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Catholic Church teaches that we will be rewarded differently in heaven based on our merit (i.e. based on the amount of good deeds that we have freely done during our earthy life; for example, see this article from International Catholic University).

My question is, what exactly is this "heavenly reward"? I have heard some saying that the heavenly reward is our heavenly capacity for love (with greater the reward implies having a greater heavenly capacity for love), but I cannot really find a source of this claim.

What exactly will our "heavenly reward" be?

Please answer according to Catholic understandings.

  • Please substantiate your assertion: "Catholic Church teaches that we will be rewarded differently in heaven based on our merit..." – user900 Jun 15 '16 at 6:27
  • @SimplyaChristian I added a link – Jin-Dominique Jun 15 '16 at 15:29
  • @KorvinStarmast there is some opinion that our differing heavenly reward is the degree to which we participate in Beatific Vision. Some others say our heavenly reward is essentially the capacity that we are given to love. I just wanted to ask what "heavenly reward" will really entail. If you want to edit my question, go ahead. English is my second language – Jin-Dominique Jun 15 '16 at 22:38
  • @KorvinStarmast I mean, of course I know what "reward" means. – Jin-Dominique Jun 15 '16 at 22:40
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My question is, what exactly is this "heavenly reward"?

The short answer: the reward is that you are with God rather than not.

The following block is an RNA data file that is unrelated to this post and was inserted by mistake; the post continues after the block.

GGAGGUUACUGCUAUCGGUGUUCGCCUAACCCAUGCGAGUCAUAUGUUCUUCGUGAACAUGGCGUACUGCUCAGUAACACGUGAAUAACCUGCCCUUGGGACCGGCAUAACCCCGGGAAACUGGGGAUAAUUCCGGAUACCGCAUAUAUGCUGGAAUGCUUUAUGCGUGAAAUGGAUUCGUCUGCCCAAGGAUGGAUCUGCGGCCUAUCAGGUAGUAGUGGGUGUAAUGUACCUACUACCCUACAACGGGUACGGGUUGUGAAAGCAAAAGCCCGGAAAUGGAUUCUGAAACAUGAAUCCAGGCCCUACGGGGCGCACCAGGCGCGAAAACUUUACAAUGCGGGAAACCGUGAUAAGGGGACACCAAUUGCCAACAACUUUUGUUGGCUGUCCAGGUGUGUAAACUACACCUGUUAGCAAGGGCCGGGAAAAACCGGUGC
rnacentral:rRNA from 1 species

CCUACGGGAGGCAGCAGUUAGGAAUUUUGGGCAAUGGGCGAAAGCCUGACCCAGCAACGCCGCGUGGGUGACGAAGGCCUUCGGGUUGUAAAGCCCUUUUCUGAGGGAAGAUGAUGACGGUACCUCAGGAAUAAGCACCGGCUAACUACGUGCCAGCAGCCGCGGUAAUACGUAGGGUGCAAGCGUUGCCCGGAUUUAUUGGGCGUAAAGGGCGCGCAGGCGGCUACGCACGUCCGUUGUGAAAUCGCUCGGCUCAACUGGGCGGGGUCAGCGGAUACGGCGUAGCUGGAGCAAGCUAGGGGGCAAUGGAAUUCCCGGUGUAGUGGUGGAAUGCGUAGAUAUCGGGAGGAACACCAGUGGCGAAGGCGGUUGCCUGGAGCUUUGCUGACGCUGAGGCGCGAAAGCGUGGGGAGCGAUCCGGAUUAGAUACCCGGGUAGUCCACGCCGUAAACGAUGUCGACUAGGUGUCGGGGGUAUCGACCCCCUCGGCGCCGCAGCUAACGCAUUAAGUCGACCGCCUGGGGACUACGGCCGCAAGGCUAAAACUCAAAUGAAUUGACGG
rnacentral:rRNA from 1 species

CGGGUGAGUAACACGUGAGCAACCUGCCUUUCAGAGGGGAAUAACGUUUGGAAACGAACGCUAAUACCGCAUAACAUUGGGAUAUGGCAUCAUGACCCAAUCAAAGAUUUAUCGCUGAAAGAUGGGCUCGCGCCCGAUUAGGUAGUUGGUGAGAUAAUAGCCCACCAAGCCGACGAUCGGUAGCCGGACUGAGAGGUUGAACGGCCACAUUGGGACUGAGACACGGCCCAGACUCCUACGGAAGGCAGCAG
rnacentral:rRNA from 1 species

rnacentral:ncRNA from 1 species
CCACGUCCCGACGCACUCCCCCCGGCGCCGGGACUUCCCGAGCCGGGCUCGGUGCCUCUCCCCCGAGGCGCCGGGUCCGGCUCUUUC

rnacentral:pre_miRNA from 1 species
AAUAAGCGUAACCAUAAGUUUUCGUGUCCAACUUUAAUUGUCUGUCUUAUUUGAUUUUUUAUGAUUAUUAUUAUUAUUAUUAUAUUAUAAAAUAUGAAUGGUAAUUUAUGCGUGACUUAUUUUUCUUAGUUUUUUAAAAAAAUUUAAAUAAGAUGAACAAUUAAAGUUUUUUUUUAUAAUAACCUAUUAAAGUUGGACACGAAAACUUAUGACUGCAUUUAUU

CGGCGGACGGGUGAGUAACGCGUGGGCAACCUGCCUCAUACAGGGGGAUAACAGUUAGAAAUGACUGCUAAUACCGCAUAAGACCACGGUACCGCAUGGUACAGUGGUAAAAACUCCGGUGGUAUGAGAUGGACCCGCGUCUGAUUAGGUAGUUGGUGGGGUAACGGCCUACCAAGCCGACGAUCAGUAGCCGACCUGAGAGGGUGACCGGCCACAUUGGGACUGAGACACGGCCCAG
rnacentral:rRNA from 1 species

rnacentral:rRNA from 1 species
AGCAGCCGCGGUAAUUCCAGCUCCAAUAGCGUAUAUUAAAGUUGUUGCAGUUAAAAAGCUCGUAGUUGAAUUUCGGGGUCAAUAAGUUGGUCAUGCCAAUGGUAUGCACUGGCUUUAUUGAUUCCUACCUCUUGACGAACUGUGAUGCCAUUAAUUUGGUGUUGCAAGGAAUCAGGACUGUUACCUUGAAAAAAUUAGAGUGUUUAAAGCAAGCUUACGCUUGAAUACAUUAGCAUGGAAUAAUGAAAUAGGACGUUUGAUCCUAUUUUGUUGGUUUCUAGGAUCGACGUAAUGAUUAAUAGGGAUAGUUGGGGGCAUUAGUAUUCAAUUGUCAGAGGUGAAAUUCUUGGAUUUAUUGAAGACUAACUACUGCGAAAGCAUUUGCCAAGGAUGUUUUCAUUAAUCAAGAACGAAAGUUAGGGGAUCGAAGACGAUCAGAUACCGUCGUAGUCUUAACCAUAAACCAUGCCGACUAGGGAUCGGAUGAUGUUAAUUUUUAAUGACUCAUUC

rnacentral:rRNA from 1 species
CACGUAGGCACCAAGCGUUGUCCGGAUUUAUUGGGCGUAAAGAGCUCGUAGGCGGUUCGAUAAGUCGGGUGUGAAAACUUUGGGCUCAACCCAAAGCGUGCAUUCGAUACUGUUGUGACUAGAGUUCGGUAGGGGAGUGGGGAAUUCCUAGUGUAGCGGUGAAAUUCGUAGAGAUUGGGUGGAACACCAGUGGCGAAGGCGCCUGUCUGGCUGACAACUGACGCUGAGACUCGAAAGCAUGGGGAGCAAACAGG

Discussion
Since you ask from the Catholic perspective, the reply will be based on the current Catechism1.

About each person getting a different reward.

CCC 1023 Those who die in God's grace and friendship and are perfectly purified live for ever with Christ. They are like God for ever, for they "see him as he is," face to face.

Recall from the Old Testament that Moses himself could not see God face to face. Being with God, forever, is considered a great reward among Catholics and is taught by the Church to be the great reward.

CCC 1021 Death puts an end to human life as the time open to either accepting or rejecting the divine grace manifested in Christ. The New Testament speaks of judgment primarily in its aspect of the final encounter with Christ in his second coming, but also repeatedly affirms that each will be rewarded immediately after death in accordance with his works and faith. The parable of the poor man Lazarus and the words of Christ on the cross to the good thief, as well as other New Testament texts speak of a final destiny of the soul - a destiny which can be different for some and for others.

That last line (above) appears to be the teaching that you are referring to in your question. And now for the different rewards:

1022 Each man receives his eternal retribution in his immortal soul at the very moment of his death, in a particular judgment that refers his life to Christ: either entrance into the blessedness of heaven - through a purification or immediately - or immediate and everlasting damnation.

The reward is one of three things: entrance into Heaven immediately, entrance into Heaven after purification, or "or immediate and everlasting damnation"

It may be hard for us to grasp, given that we are immersed in the physical world and may make analogies to temporal rewards. The Church teaches that the reward at judgment is spiritual in nature: to be with God and to see God as He really is. What greater reward could there be?

Personal Reflection

"Well done, my good and faithful servant." (Matthew 25:21)
Just to hear those words at judgment would be reward enough.


1 I suggest a review of the articles I cited the Catechism, since they go have references and footnotes. Each article has notations to show its derivation from Scripture, Tradition, and/or teachings of the Fathers and Doctors of the Church.

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